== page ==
Putting his Xbox One run through of 'Call of Duty: Advanced Warfare' on pause, I let him know that we were going to play some co-op in a different game. My very young nephew is used to playing co-op in the 'Lego' games (and 'Disney Infinity' and so forth), and as I loaded up 'N++,' he asked the chilling and very telling question "is this just a game where you move the guy across the screen?"

Out of the mouth of babes, he had cut right to it. It's a 2D platformer, and a barren looking one by Mario standards. This same kid who had passed the controller on after five minutes of Riddler trophy hunting in 'Batman: Arkham Knight,' despite a love for all things Batman, was already issuing evasive signals as though I had dialed up a plate of vegetables.

As I ignored his murmuring about letting me just play while he watched, I entered into co-op. As I fumbled around, not understanding how exactly to get a second player in (Press X in the level select screen), we wound up not only in co-op, but I accidentally skipped the first 30 or so levels. Those would be levels that are meant to teach the basics. Somehow, inexplicably, the kid took to 'N++' like a pre-teen fish to water. We died many times. Sometimes, I could do the hard part of co-op, or even complete a level on my own, but just as often, we both had to survive, usually with one of use needing to hug some mines to get the other through.

N++ co-op example

He was hardly perfect. Tougher levels saw him running again and again into the same first mine while I tried to preach patience and control. Still, before I could explain wall running, floating or slide slowing, we had run through some 50 levels. (The limit on the fall-height I did have to explain as we encountered some more open levels.) He would often cheese up and try to jump up a wall without momentum or needlessly touch all the toggle mines- unconsciously he could display some impressive skill, skill which abated if started overthinking anything.

He attributed his relatively smooth adaptation to playing as the result of time spent playing Mario games on the Wii. What I found to be endlessly surprising is that while he was too impatient to examine a level carefully right off (like say before it had started), the two of us together could actively puzzle out and execute episode solutions as though we'd played the game for ages. For myself, the new obstacles the 'N++' throws in, like the toggle mines, shadow ninjas, and chop boxes are simple enough to encounter, study, and then attempt to circumvent. For my nephew, the whole of the game was this way. See an enemy or a trap, watch it kill you, and then avoid it. (The old "it hurts when I do that" joke applies).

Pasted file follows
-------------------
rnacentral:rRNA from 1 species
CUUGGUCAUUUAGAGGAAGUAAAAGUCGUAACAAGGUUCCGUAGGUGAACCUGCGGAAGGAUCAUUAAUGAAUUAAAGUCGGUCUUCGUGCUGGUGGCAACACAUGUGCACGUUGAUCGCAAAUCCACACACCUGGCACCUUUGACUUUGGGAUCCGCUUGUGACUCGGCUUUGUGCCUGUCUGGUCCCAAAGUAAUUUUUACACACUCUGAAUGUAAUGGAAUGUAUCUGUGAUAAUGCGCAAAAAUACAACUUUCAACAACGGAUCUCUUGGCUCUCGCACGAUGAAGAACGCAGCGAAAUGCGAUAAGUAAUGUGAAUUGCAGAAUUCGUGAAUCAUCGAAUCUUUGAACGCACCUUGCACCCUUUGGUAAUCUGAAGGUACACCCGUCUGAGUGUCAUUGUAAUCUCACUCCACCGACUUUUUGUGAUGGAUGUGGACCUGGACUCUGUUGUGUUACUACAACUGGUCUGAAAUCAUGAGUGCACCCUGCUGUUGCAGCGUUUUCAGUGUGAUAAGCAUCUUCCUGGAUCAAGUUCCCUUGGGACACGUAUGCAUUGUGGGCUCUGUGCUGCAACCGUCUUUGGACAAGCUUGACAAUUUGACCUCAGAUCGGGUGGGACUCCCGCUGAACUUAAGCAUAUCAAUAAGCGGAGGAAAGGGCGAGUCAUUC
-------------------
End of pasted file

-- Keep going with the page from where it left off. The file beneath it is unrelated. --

At one point, we hit a level we couldn't puzzle out. On each side there was a switch hidden behind toggle mines. We could hit both switches, but that left no one left to exit the episode. In our frustration, I reasoned that an inert third player would be enough. I didn't have a third player on-hand or even a third controller so… that meant firing up Remote Play on the Vita. (My nephew had never seen a Vita before, so this idea momentarily blew his mind. He also thought that we must be missing another useful controller input like the triggers, but I assured him, it was only jump and suicide.)

Sure enough, with a third body, we could beat the episode, and we went on to beat the whole level. (I've since remembered and been reminded about using two players to get past one of the trigger mine traps to get the switch without dieing.)

N++ three player co-op cheese remote play

But as the game announced when I readied a third player in, having a player 3 and 4 takes both high scores and built-in replays off the table.

With this whole approach, I gambled. I thought for sure the kid would be bored well before I could illustrate that the game was fun. I also thought that my experience with the series and his inexperience would diffuse the game's magic. At least, I thought we would only make it a few levels before hitting a co-op wall.